Women killed in 'Facebook confession' case mourned in B.C.
Josh Dehaas, CTVNews.ca
Published Sunday, May 10, 2015 9:46PM EDT
Last Updated Sunday, May 10, 2015 10:54PM EDT
A Mother’s Day ceremony at a Langley, B.C., church was cancelled Sunday so that the congregation could instead mourn the loss of a member.
Pastor Philip Wheaton of Bethel Mennonite Church remembered Shelly Janzen as someone who “served God faithfully, quietly and gently.”
“We come here today and as we look at each other we shake our heads and we say, ‘why?’” Wheaton told his congregation. “How could this occur? Is this real?”
Meanwhile, on the other side of the Fraser Valley in Popkum, B.C., friends tried to make sense of the deaths of Shelly’s sister-in-law Laurel and 19-year-old niece Emily.
RCMP homicide investigators said Saturday that several members of one family, including the suspect, were found dead at crime scenes in Langley and Popkum.
Police have not named the killer or the deceased, but confirmed that a Facebook post is part of their investigation, which also included a four-hour standoff with a man who died after a fire on Thursday.
Earlier that day, Randy Janzen of Popkum apparently confessed on Facebook to killing his daughter Emily Janzen, wife Laurel Janzen and sister Shelly Janzen.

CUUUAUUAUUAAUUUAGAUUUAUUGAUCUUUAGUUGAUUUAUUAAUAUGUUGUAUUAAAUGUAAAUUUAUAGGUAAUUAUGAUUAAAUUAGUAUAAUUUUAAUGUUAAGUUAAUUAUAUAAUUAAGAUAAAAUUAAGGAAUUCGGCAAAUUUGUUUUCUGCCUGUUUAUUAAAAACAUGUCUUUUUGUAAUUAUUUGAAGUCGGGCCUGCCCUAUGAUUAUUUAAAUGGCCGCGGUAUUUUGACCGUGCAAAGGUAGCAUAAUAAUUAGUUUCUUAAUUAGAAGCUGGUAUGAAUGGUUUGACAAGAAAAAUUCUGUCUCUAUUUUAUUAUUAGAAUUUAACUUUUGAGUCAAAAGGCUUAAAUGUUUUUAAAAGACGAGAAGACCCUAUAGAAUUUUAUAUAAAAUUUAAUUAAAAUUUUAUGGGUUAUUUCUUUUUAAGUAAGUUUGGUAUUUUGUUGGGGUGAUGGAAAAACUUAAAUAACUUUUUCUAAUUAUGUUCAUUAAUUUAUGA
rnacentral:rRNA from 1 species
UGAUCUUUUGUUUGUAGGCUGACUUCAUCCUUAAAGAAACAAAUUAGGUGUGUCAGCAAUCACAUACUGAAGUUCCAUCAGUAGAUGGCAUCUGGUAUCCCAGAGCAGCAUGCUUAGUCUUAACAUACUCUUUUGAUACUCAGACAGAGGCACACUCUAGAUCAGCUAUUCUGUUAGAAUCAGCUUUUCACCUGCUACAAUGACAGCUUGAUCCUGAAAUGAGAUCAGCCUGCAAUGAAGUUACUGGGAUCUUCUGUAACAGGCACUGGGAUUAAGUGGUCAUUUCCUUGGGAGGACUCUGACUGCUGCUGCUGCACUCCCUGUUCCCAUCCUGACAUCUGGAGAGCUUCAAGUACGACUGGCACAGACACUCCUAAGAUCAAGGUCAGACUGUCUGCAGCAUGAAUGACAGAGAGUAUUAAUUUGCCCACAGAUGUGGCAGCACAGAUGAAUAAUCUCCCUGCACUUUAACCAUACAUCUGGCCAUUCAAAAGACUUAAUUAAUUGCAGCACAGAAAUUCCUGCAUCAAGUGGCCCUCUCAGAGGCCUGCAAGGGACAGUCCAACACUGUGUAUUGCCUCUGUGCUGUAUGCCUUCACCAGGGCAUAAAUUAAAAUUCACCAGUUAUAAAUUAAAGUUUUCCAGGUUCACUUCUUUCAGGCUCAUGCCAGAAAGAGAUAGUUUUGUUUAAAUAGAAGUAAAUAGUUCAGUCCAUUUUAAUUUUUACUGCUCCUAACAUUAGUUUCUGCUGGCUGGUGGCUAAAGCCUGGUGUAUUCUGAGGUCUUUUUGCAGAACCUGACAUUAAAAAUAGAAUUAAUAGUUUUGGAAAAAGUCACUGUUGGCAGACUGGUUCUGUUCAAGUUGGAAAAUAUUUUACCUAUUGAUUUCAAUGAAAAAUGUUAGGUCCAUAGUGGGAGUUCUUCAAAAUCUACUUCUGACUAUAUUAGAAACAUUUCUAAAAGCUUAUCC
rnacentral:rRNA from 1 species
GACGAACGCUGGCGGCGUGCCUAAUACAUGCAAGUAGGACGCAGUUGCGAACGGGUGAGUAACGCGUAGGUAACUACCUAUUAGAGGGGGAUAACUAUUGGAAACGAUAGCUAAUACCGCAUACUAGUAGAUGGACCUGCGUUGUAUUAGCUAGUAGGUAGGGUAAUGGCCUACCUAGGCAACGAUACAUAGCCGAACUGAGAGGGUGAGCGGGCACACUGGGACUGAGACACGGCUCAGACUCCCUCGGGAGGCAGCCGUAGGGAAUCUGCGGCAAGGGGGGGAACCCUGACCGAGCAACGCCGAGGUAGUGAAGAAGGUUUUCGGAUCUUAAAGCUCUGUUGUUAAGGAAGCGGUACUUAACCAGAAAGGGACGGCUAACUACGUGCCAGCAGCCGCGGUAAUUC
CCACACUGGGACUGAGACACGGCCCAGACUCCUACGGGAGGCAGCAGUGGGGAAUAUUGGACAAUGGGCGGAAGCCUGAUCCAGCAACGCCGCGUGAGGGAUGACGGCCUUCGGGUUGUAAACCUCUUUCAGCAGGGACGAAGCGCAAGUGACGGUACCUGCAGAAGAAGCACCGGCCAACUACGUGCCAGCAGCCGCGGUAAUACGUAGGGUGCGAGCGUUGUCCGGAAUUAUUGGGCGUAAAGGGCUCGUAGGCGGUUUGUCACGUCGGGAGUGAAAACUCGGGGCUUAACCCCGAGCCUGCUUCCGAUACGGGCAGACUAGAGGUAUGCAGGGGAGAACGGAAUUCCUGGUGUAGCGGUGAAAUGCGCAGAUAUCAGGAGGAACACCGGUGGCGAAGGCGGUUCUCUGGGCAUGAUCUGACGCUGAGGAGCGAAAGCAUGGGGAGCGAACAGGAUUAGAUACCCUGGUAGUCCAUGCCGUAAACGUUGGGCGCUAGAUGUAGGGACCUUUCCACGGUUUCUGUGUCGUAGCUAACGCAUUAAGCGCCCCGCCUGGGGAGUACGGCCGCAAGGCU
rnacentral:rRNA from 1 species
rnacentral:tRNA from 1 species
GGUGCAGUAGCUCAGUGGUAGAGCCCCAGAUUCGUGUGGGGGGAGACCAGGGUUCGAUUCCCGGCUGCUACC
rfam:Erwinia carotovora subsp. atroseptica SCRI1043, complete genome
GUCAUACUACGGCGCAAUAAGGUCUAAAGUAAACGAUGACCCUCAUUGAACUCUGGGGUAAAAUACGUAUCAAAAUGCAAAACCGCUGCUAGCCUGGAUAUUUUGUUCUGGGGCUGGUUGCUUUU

“I took a gun and shot her in the head and now she is migraine free and floating in the clouds on a sunny afternoon, her long beautiful brown hair flowing in the breeze, a true angel,” the post said.
“Then I shot Laurel because a mother should never have [to] hear the news her baby has died," the post went on.
“Then a couple of days later my sister Shelly because I did not want her to have to live with this shame I have caused all alone."
Family friend Brian Jones said he saw the post and went to Shelly’s home in Langley, B.C., to check on her. She didn’t answer her door, Jones says, so he went to police, who were already aware of the Facebook post.
Jones described Randy as a loving father, and said Emily’s painful migraines had consumed him.
Rocky Riobo, who says she knew Emily Janzen since childhood, also remembers how Emily’s migraines affected her life.
“She has this big booming beautiful voice and she couldn't sing anymore because it hurt so bad.”
Riobo says Emily’s father Randy was always there for his daughter.
“They were each other’s rock because of the whole situation,” she says. “That’s the weird part.”
Riobo remembers her friend as a “ball of light” and says “everybody loved her.”
With a report from CTV Vancouver and files from The Canadian Press